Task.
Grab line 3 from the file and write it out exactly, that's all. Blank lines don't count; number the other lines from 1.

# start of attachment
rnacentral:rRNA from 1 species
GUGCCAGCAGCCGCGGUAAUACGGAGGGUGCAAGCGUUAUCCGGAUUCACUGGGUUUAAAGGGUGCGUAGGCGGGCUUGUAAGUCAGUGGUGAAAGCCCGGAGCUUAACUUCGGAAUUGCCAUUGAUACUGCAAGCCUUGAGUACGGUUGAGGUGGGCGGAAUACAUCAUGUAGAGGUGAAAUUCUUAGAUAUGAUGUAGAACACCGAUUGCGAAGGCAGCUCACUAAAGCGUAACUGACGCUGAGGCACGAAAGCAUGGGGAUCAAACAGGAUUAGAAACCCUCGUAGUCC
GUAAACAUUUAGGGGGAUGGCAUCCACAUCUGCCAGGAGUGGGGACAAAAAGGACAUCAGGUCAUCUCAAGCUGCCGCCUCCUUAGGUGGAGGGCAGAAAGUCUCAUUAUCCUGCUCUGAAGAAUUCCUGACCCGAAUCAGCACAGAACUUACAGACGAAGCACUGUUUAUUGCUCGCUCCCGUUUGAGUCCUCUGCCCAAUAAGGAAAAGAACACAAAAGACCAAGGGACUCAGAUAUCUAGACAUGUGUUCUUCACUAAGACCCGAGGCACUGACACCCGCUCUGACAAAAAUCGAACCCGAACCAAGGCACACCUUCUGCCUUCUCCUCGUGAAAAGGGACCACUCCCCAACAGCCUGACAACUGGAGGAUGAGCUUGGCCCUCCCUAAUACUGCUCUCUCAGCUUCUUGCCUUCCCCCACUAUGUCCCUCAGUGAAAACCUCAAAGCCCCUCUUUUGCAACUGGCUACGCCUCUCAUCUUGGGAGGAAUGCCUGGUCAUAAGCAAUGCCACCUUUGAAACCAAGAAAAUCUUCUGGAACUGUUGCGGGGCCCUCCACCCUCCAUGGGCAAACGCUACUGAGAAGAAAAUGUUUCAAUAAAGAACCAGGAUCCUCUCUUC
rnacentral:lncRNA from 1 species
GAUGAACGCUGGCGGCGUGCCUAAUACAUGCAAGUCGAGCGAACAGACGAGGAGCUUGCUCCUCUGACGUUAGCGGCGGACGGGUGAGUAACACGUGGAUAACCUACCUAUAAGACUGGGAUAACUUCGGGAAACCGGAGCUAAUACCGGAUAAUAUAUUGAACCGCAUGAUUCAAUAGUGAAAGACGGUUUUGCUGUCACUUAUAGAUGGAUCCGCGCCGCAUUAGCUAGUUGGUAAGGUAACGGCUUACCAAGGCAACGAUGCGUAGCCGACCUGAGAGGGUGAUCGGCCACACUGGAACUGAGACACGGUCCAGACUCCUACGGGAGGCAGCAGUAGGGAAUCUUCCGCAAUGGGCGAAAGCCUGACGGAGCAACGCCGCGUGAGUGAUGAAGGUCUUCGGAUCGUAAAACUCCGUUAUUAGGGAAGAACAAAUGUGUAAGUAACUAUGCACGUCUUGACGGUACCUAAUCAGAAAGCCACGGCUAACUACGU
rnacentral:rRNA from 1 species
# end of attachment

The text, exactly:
GUAAACAUUUAGGGGGAUGGCAUCCACAUCUGCCAGGAGUGGGGACAAAAAGGACAUCAGGUCAUCUCAAGCUGCCGCCUCCUUAGGUGGAGGGCAGAAAGUCUCAUUAUCCUGCUCUGAAGAAUUCCUGACCCGAAUCAGCACAGAACUUACAGACGAAGCACUGUUUAUUGCUCGCUCCCGUUUGAGUCCUCUGCCCAAUAAGGAAAAGAACACAAAAGACCAAGGGACUCAGAUAUCUAGACAUGUGUUCUUCACUAAGACCCGAGGCACUGACACCCGCUCUGACAAAAAUCGAACCCGAACCAAGGCACACCUUCUGCCUUCUCCUCGUGAAAAGGGACCACUCCCCAACAGCCUGACAACUGGAGGAUGAGCUUGGCCCUCCCUAAUACUGCUCUCUCAGCUUCUUGCCUUCCCCCACUAUGUCCCUCAGUGAAAACCUCAAAGCCCCUCUUUUGCAACUGGCUACGCCUCUCAUCUUGGGAGGAAUGCCUGGUCAUAAGCAAUGCCACCUUUGAAACCAAGAAAAUCUUCUGGAACUGUUGCGGGGCCCUCCACCCUCCAUGGGCAAACGCUACUGAGAAGAAAAUGUUUCAAUAAAGAACCAGGAUCCUCUCUUC